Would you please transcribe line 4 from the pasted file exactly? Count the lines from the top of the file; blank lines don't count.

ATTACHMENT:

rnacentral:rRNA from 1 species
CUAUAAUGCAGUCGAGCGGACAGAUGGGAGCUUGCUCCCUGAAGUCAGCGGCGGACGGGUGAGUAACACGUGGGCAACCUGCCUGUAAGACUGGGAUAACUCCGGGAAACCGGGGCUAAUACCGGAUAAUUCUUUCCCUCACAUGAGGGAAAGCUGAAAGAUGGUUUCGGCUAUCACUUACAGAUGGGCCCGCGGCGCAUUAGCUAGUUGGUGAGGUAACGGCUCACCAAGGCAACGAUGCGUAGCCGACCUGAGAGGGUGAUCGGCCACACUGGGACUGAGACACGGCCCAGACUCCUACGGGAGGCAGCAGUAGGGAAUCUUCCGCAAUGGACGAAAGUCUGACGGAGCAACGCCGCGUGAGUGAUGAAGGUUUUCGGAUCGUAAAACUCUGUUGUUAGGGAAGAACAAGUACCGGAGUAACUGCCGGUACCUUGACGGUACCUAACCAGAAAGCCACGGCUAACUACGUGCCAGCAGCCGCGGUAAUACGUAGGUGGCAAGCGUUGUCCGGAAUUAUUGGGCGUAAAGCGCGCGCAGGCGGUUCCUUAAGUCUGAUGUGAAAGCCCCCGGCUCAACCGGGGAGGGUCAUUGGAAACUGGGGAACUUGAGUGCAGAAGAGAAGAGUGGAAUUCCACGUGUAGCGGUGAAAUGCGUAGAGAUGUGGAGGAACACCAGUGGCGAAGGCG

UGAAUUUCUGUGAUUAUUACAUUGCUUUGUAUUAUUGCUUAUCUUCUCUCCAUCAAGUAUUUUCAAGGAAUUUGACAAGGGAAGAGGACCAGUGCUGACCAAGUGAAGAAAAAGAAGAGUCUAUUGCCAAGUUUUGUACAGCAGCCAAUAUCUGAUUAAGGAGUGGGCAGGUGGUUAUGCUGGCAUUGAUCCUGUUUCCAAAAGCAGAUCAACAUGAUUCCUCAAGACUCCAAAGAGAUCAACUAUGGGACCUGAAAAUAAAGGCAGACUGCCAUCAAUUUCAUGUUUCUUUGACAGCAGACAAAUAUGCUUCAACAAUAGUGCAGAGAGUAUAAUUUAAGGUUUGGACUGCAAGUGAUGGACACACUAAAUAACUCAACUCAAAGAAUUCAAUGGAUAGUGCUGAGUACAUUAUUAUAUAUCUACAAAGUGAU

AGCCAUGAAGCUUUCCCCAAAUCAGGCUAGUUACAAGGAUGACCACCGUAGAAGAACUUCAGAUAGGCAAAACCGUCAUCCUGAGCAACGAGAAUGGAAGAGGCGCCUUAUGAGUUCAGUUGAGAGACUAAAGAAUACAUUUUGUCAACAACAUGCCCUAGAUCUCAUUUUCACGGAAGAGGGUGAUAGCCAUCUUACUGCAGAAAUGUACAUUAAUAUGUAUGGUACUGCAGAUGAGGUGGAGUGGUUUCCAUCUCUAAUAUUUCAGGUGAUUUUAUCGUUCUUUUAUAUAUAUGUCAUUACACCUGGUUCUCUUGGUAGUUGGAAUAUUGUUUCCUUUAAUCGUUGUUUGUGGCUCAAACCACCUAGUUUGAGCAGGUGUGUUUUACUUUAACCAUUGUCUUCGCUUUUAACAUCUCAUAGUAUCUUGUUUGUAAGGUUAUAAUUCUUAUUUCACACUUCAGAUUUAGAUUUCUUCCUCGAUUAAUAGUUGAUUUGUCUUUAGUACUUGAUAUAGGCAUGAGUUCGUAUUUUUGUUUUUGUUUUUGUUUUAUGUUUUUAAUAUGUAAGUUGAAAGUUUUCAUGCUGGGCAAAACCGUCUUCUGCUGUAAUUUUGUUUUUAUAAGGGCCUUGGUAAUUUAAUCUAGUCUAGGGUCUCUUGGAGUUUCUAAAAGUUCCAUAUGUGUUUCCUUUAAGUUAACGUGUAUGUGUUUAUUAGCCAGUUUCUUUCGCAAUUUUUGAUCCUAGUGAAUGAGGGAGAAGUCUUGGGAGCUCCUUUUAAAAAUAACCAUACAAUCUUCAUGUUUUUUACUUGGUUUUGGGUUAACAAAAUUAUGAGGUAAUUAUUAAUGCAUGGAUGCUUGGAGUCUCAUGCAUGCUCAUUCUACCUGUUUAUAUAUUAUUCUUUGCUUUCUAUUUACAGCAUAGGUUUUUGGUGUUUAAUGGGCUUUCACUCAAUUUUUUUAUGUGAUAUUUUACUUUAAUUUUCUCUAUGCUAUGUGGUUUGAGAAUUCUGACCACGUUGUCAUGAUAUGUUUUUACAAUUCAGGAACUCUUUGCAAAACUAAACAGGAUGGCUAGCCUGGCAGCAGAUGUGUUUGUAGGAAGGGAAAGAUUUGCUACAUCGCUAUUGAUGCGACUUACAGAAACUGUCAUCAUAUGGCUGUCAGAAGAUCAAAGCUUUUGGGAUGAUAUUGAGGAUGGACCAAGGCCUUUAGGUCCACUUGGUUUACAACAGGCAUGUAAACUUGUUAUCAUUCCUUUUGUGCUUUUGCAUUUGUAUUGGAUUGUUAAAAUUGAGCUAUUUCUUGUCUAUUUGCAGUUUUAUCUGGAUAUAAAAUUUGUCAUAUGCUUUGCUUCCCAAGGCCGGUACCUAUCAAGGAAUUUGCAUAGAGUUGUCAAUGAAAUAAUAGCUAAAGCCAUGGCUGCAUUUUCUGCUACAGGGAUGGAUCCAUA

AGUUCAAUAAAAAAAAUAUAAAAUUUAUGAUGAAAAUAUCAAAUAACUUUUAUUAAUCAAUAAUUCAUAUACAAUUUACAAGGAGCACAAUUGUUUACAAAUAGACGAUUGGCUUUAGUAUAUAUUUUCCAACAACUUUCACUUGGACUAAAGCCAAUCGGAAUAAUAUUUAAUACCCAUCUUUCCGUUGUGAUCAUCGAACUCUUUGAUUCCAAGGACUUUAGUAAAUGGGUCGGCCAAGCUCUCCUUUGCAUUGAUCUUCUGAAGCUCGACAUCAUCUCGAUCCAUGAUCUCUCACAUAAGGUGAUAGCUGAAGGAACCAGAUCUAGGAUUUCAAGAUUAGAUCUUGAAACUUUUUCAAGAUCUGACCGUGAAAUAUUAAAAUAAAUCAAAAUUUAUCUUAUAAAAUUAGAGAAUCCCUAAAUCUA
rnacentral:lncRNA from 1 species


AGCCAUGAAGCUUUCCCCAAAUCAGGCUAGUUACAAGGAUGACCACCGUAGAAGAACUUCAGAUAGGCAAAACCGUCAUCCUGAGCAACGAGAAUGGAAGAGGCGCCUUAUGAGUUCAGUUGAGAGACUAAAGAAUACAUUUUGUCAACAACAUGCCCUAGAUCUCAUUUUCACGGAAGAGGGUGAUAGCCAUCUUACUGCAGAAAUGUACAUUAAUAUGUAUGGUACUGCAGAUGAGGUGGAGUGGUUUCCAUCUCUAAUAUUUCAGGUGAUUUUAUCGUUCUUUUAUAUAUAUGUCAUUACACCUGGUUCUCUUGGUAGUUGGAAUAUUGUUUCCUUUAAUCGUUGUUUGUGGCUCAAACCACCUAGUUUGAGCAGGUGUGUUUUACUUUAACCAUUGUCUUCGCUUUUAACAUCUCAUAGUAUCUUGUUUGUAAGGUUAUAAUUCUUAUUUCACACUUCAGAUUUAGAUUUCUUCCUCGAUUAAUAGUUGAUUUGUCUUUAGUACUUGAUAUAGGCAUGAGUUCGUAUUUUUGUUUUUGUUUUUGUUUUAUGUUUUUAAUAUGUAAGUUGAAAGUUUUCAUGCUGGGCAAAACCGUCUUCUGCUGUAAUUUUGUUUUUAUAAGGGCCUUGGUAAUUUAAUCUAGUCUAGGGUCUCUUGGAGUUUCUAAAAGUUCCAUAUGUGUUUCCUUUAAGUUAACGUGUAUGUGUUUAUUAGCCAGUUUCUUUCGCAAUUUUUGAUCCUAGUGAAUGAGGGAGAAGUCUUGGGAGCUCCUUUUAAAAAUAACCAUACAAUCUUCAUGUUUUUUACUUGGUUUUGGGUUAACAAAAUUAUGAGGUAAUUAUUAAUGCAUGGAUGCUUGGAGUCUCAUGCAUGCUCAUUCUACCUGUUUAUAUAUUAUUCUUUGCUUUCUAUUUACAGCAUAGGUUUUUGGUGUUUAAUGGGCUUUCACUCAAUUUUUUUAUGUGAUAUUUUACUUUAAUUUUCUCUAUGCUAUGUGGUUUGAGAAUUCUGACCACGUUGUCAUGAUAUGUUUUUACAAUUCAGGAACUCUUUGCAAAACUAAACAGGAUGGCUAGCCUGGCAGCAGAUGUGUUUGUAGGAAGGGAAAGAUUUGCUACAUCGCUAUUGAUGCGACUUACAGAAACUGUCAUCAUAUGGCUGUCAGAAGAUCAAAGCUUUUGGGAUGAUAUUGAGGAUGGACCAAGGCCUUUAGGUCCACUUGGUUUACAACAGGCAUGUAAACUUGUUAUCAUUCCUUUUGUGCUUUUGCAUUUGUAUUGGAUUGUUAAAAUUGAGCUAUUUCUUGUCUAUUUGCAGUUUUAUCUGGAUAUAAAAUUUGUCAUAUGCUUUGCUUCCCAAGGCCGGUACCUAUCAAGGAAUUUGCAUAGAGUUGUCAAUGAAAUAAUAGCUAAAGCCAUGGCUGCAUUUUCUGCUACAGGGAUGGAUCCAUA